Snapchat is set to open its new worldwide headquarters in London in yet another post-Brexit business boost. The LA-based company has a small team of 75 staff in Soho but is planning to move into new offices nearby and employ more workers. Google, Apple, Facebook and Twitter have all chosen to have their headquarters in Ireland to take advantage of its generous tax breaks – even though their biggest international offices are in London. Snapchat, a mobile messaging service and fast-growing social media platform, is now valued at $25billion and is increasing in size by 30 per cent a year.It has 150million daily users worldwide and up to 10million here in Britain. It is a major boost for Britain because it will have to pay tax on its international profits in the UK. Income tax and national insurance paid by staff and the business respectively will also go to the Treasury. Snap Group Limited, the company’s new UK arm, said: ‘I am happy to confirm that the UK is the Snap Inc. family’s hub outside the US. The UK’s strong creative industries make this a great place to build a global business.’
The business has grown from six staff in the UK to 75 in the past year. When its new offices are built they will recruit even more workers. Claire Valoti, General Manager of Snap Group Limited in the UK: ‘We believe in the UK creative industries. The UK is where our advertising clients are, where more than 10m daily Snapchatters are, and where we’ve already begun to hire talent.’ Snap’s decision comes ahead of its initial public offering (IPO), which could see it list as early as March.
It would be the biggest flotation since Chinese e-commerce giant Alibaba’s IPO in 2014.Snapchat launched in 2012 as a free mobile app allowing users to send photos that expire within seconds.Its parent group announced last September it was renaming the company to Snap Inc as it develops further products, including sunglasses with a built-in video camera. The group’s decision to base itself in London comes amid public and political anger over tax avoidance measures used by multi-national groups and US technology giants in Europe. In November Google gave Britain a Brexit boost by creating 3,000 new jobs to be housed in a new £1billion London super-headquarters – but still faces calls to pay its fair share of tax.
The huge investment threw cold water on warnings from Remainers that global firms would shun the UK following the vote to leave the EU. Google – which employs 4,000 people in the UK – has commissioned a new ten-storey building with a floor space of 650,000sq ft, equivalent to more than ten football pitches. It has already committed to a further two buildings on the King’s Cross Estate, which will eventually house 7,000 workers across three offices. Google has faced damning criticism because despite having thousands of staff it insists that it has no ‘fixed base’ in Britain. It means that Google’s overseas tax rate on all its profits falls to around five per cent when in the UK it would have to pay 20 per cent. Apple is to create a new London headquarters inside the £9billion Battersea Power Station development for up to 3,000 staff – but it probably won’t pay more UK corporation tax. The Grade II listed building on the Thames with its iconic towers is key a feature of south London’s skyline and will now become home to some 1,400 Apple workers but with room for more than double that figure.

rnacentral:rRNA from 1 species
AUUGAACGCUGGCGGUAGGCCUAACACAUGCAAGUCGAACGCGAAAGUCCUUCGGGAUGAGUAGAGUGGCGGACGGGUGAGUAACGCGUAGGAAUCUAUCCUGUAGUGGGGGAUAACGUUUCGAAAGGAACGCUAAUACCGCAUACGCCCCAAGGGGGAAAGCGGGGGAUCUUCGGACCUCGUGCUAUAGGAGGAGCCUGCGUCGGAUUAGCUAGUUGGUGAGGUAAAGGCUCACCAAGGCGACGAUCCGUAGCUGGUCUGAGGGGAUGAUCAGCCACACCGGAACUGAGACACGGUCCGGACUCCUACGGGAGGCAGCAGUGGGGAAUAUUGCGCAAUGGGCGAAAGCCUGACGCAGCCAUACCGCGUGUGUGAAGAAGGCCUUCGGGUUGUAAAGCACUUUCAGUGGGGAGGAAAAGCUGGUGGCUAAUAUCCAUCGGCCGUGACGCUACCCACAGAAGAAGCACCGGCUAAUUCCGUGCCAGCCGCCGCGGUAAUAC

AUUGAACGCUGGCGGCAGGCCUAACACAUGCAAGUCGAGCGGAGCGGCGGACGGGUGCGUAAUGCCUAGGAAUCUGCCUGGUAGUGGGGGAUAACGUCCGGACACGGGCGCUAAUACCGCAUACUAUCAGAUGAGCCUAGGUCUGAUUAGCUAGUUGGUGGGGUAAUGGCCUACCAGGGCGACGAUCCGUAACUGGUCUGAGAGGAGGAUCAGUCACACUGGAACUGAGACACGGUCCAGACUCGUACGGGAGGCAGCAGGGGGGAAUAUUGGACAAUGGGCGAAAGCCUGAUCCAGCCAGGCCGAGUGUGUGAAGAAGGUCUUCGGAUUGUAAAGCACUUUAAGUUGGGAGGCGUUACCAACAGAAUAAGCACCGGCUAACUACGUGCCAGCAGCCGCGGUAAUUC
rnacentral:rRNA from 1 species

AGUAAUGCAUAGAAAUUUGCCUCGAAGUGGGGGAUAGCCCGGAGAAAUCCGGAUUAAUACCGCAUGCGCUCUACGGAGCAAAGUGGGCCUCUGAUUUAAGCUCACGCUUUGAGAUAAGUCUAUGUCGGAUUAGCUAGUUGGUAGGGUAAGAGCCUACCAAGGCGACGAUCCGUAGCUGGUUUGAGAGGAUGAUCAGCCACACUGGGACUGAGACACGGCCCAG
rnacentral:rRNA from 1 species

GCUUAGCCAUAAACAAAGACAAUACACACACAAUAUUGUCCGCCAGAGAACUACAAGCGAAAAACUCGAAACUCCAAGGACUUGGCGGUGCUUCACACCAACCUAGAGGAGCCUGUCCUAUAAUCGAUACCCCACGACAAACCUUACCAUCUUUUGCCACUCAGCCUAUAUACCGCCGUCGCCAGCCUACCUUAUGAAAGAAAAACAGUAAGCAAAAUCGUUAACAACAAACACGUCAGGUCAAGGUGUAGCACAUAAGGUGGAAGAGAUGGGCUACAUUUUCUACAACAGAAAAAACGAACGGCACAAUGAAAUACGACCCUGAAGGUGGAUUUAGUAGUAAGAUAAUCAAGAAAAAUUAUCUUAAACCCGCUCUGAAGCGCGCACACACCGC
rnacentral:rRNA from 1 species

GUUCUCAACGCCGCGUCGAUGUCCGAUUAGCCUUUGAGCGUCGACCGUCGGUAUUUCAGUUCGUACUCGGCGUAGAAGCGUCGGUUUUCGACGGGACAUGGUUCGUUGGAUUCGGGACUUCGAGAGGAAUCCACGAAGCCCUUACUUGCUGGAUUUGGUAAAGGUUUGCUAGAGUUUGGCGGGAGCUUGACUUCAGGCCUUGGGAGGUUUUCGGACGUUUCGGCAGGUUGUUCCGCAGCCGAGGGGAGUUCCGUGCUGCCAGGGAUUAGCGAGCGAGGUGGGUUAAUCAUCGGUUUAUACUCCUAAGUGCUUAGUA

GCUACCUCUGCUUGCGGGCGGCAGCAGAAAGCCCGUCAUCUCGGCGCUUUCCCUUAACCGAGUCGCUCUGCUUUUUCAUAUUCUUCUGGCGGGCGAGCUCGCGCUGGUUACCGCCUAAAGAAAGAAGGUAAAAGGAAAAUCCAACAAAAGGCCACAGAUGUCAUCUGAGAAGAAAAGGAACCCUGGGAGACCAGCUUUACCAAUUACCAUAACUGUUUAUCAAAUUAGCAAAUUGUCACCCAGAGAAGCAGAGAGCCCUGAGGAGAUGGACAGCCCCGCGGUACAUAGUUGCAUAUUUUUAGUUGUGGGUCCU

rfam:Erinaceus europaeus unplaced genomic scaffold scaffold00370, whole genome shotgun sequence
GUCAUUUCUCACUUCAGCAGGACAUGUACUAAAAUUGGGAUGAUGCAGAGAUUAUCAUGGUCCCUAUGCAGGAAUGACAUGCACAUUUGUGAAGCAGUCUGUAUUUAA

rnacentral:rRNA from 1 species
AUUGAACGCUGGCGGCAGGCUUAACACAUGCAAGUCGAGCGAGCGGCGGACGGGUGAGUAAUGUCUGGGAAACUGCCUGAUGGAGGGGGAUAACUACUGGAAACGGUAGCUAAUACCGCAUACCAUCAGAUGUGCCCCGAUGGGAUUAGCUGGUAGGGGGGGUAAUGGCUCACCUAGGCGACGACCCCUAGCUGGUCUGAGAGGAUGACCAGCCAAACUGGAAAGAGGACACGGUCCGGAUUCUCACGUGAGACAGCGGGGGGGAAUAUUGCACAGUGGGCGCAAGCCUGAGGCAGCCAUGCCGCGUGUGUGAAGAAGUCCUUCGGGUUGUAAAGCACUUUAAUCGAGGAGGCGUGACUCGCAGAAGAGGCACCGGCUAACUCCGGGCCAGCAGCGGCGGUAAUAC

The tech giant will occupy six floors – about half a million square feet of office space – in the central boiler house of the former coal-fired power station. But it appears Apple has no plans to move its international headquarters from Cork to the UK, where it currently takes advantage of Ireland’s lower tax rate.This arrangement allows the tech giant to funnel its non-US profits through its Irish offices, described by the EU as having no staff or premises, then on to its $178billion (£120bn) offshore fund. Fast food chain McDonald’s announced in December that it is moving its non-US tax base to Britain from Luxembourg as it battles EU regulators over its tax affairs. The chain is creating a new UK-based holding company through which its non-US royalties will be routed and it will pay UK corporation tax on its international profits. The EU’s competition commissioner Margrethe Vestager has put the tax affairs of a number of high-profile targets including Amazon and Google under the microscope. Earlier this year, the EU slapped US tech giant Apple with a 13 billion euro (£11.4 billion) tax bill.